Hey Roland, I’ve found Obama’s ‘hype man’ for next presidential debate


On today’s Washington Watch, the host Roland Martin said that President Obama (Was Obama Scared of Romney) needed a “hype man” like Bundini Brown to walk him into the next debate. After the show, I switched to ESPN’s Sunday NFL Countdown and caught a feature on Ray Lewis, who gives motivational speeches on his off-days.

Lewis was shown giving pep talks to a high school football squad during a tornado (Oh yeah, RL is a bad man!), Loyola University players prior to their NCAA lacrosse championship game and to Stanford University men’s basketball prior to the NIT championship. Both Loyola and Stanford won their championship games.

Ray Lewis motivates! “I’m pissed off for greatness!

I’m pissed off for greatness. Because [if] you ain’t pissed off for greatness, that mean you OK with being mediocre. Ain’t no man in here OK with being just space. So let’s do what we do. Tonight, we ain’t gotta worry about taking no breaks.

One Loyola player said that Ray Lewis scared him because he looks like “he’s staring into your soul.”

Just what Obama needs for his rematch with Romney.

With Ray Lewis in his head, President Obama should be able to demolish Mitt Romney despite the town hall format of the next debate. We know that President Obama is not OK with mediocre.

Sting young man, sting.

Muhammad Ali & Bundini Brown



About SquarePegDem

A former state legislator turned NY Post editorial board member, thought-leader, public affairs consultant and commentator, columnist and blogger. Michael has appeared on Al Jazeera America Tonight, NY1/Inside City Hall, FoxNews.com LIVE, YNN/Capital Tonight, The Brian Lehrer Show, The Fred Dicker Show, The Capitol Press Room, and The Daily Show. His op-eds have appeared in the NY Post, City and State, The Legislative Gazette, Bronx Times, The Troy Record, Buffalo News, and the Rochester Democrat and Chronicle. To schedule speaking engagements, email FOMB08@GMAIL.COM.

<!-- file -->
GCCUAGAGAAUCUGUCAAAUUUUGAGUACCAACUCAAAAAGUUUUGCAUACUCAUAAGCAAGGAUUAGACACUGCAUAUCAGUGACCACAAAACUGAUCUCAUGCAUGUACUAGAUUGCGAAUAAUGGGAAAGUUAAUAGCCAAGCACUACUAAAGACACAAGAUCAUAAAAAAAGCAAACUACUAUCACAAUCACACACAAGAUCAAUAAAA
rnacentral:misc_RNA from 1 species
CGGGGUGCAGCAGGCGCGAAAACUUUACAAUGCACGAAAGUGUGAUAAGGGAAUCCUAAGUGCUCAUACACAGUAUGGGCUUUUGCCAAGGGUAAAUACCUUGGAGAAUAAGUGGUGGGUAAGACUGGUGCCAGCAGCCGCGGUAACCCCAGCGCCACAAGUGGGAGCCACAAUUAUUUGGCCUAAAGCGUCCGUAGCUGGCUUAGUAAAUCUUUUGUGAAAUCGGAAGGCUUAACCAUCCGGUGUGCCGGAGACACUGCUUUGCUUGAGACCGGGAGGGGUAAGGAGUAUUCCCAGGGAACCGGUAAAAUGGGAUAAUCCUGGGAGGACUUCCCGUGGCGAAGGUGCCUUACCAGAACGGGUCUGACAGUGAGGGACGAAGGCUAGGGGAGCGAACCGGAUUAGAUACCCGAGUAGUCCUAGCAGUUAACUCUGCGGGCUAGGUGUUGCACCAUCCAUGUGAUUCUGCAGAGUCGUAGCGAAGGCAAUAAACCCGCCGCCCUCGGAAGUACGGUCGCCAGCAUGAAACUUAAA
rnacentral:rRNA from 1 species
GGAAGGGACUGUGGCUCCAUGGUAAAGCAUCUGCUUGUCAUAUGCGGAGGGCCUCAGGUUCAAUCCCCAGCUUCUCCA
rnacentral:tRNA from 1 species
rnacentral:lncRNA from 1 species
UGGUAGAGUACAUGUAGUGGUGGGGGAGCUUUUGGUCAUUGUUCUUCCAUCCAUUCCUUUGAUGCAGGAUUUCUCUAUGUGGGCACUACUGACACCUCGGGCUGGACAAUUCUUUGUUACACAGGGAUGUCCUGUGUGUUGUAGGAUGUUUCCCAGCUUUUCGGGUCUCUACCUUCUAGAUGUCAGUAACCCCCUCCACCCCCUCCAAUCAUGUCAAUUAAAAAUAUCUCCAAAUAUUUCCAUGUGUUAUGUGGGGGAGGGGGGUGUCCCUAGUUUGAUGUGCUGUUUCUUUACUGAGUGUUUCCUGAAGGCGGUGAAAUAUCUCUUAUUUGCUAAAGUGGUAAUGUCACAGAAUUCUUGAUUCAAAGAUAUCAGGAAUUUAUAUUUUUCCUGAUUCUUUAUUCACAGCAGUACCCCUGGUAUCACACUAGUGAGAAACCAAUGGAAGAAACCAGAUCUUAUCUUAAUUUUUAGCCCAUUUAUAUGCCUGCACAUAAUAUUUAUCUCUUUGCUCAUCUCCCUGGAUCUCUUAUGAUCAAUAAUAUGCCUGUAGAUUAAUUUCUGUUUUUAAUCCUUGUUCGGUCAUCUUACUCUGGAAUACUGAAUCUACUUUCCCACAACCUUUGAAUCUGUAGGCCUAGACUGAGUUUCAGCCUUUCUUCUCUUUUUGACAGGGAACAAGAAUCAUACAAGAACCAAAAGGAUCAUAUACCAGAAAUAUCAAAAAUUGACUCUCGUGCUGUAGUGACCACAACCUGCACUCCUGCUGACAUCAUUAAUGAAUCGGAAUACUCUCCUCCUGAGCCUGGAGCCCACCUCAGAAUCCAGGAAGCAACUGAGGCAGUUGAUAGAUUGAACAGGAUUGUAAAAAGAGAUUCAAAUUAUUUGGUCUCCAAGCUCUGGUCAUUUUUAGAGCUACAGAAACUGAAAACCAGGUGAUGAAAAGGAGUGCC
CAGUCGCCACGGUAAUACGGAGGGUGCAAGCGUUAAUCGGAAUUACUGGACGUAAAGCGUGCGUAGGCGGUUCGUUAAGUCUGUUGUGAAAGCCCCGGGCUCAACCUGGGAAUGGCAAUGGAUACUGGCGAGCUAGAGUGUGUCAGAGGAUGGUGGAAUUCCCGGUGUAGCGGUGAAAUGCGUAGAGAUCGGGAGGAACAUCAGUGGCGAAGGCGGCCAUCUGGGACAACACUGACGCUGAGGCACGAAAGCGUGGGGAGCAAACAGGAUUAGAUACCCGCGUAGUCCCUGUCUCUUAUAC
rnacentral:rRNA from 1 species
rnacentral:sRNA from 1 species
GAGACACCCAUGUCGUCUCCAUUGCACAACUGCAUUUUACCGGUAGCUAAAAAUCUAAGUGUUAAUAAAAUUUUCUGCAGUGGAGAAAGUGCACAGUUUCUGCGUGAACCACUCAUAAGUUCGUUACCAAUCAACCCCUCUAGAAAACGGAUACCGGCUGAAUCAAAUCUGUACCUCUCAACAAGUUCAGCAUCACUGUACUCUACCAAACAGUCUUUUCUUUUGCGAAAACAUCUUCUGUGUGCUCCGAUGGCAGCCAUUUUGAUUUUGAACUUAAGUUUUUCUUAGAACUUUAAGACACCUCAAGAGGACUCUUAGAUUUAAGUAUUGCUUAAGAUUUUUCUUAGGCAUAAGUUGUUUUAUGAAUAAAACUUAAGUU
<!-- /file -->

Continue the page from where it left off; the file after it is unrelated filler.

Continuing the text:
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2 Responses to Hey Roland, I’ve found Obama’s ‘hype man’ for next presidential debate

  1. Dale Benjamin Drakeford says:

    Yes, or perhaps we are back to your Rope-A-Dope idea especially in how Romney looked silly championing the middle class (your next blog). I say:

    Dale Benjamin Drakeford

    The ancestral history of the candidates make for good reading. In the president’s case there is nothing to indicate that he would ever be running for chief executive, let alone seeking a second term. In the challenger’s case, it was pretty much the only thing left for an ambitious family always seeking a promotion. Interesting contrast or not, it is obviously not the tie that binds. The tie that binds, in this context, is the one that connects the Adam’s Apple to the nation’s navel. As the first debate between Obama and Romney drifted into noise of no particular value, my minded drifted on the ties of red (Romney) and blue (Obama). I came to see the ties as subliminal message that nothing new is expected in voter national patterns of four years ago. The ties that bind are the independent thinkers that at the end, will choose the same as before—the next president of the United States of America. The tie that binds is stronger than any presence, style, performance or substance any debate may resolve. That the map is drawn and all that remains is the footwork to get to the booth and the hand work to manipulate the technology and log the facts of your unchanged position. I fought the feeling, but the psychological pull on the political psyche was strong.